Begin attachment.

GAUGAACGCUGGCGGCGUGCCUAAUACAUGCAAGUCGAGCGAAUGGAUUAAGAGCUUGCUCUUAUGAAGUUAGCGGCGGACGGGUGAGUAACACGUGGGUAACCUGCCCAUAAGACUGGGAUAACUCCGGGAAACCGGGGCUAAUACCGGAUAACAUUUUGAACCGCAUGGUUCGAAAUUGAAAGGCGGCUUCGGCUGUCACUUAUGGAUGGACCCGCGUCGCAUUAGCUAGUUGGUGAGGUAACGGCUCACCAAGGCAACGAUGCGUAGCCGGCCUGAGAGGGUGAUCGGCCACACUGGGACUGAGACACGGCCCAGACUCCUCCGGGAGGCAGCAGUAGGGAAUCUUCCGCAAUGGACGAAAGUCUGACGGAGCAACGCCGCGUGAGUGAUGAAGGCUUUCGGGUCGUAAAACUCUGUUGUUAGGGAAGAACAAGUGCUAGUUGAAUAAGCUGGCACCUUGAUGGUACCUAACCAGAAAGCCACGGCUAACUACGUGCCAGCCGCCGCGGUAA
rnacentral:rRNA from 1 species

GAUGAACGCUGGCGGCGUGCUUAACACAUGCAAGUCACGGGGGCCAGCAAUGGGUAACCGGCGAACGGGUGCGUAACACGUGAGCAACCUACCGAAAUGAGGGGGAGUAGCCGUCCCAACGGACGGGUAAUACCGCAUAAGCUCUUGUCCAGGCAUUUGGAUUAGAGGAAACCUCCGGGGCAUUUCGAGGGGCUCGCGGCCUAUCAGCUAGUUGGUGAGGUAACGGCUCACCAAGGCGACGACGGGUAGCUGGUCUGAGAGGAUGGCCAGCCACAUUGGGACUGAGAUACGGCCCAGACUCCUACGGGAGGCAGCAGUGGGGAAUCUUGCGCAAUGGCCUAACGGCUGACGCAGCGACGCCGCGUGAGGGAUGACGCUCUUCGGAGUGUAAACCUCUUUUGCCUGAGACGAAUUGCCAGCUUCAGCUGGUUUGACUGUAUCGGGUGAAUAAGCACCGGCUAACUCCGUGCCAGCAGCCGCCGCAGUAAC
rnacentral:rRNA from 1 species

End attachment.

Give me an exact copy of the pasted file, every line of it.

GAUGAACGCUGGCGGCGUGCCUAAUACAUGCAAGUCGAGCGAAUGGAUUAAGAGCUUGCUCUUAUGAAGUUAGCGGCGGACGGGUGAGUAACACGUGGGUAACCUGCCCAUAAGACUGGGAUAACUCCGGGAAACCGGGGCUAAUACCGGAUAACAUUUUGAACCGCAUGGUUCGAAAUUGAAAGGCGGCUUCGGCUGUCACUUAUGGAUGGACCCGCGUCGCAUUAGCUAGUUGGUGAGGUAACGGCUCACCAAGGCAACGAUGCGUAGCCGGCCUGAGAGGGUGAUCGGCCACACUGGGACUGAGACACGGCCCAGACUCCUCCGGGAGGCAGCAGUAGGGAAUCUUCCGCAAUGGACGAAAGUCUGACGGAGCAACGCCGCGUGAGUGAUGAAGGCUUUCGGGUCGUAAAACUCUGUUGUUAGGGAAGAACAAGUGCUAGUUGAAUAAGCUGGCACCUUGAUGGUACCUAACCAGAAAGCCACGGCUAACUACGUGCCAGCCGCCGCGGUAA
rnacentral:rRNA from 1 species

GAUGAACGCUGGCGGCGUGCUUAACACAUGCAAGUCACGGGGGCCAGCAAUGGGUAACCGGCGAACGGGUGCGUAACACGUGAGCAACCUACCGAAAUGAGGGGGAGUAGCCGUCCCAACGGACGGGUAAUACCGCAUAAGCUCUUGUCCAGGCAUUUGGAUUAGAGGAAACCUCCGGGGCAUUUCGAGGGGCUCGCGGCCUAUCAGCUAGUUGGUGAGGUAACGGCUCACCAAGGCGACGACGGGUAGCUGGUCUGAGAGGAUGGCCAGCCACAUUGGGACUGAGAUACGGCCCAGACUCCUACGGGAGGCAGCAGUGGGGAAUCUUGCGCAAUGGCCUAACGGCUGACGCAGCGACGCCGCGUGAGGGAUGACGCUCUUCGGAGUGUAAACCUCUUUUGCCUGAGACGAAUUGCCAGCUUCAGCUGGUUUGACUGUAUCGGGUGAAUAAGCACCGGCUAACUCCGUGCCAGCAGCCGCCGCAGUAAC
rnacentral:rRNA from 1 species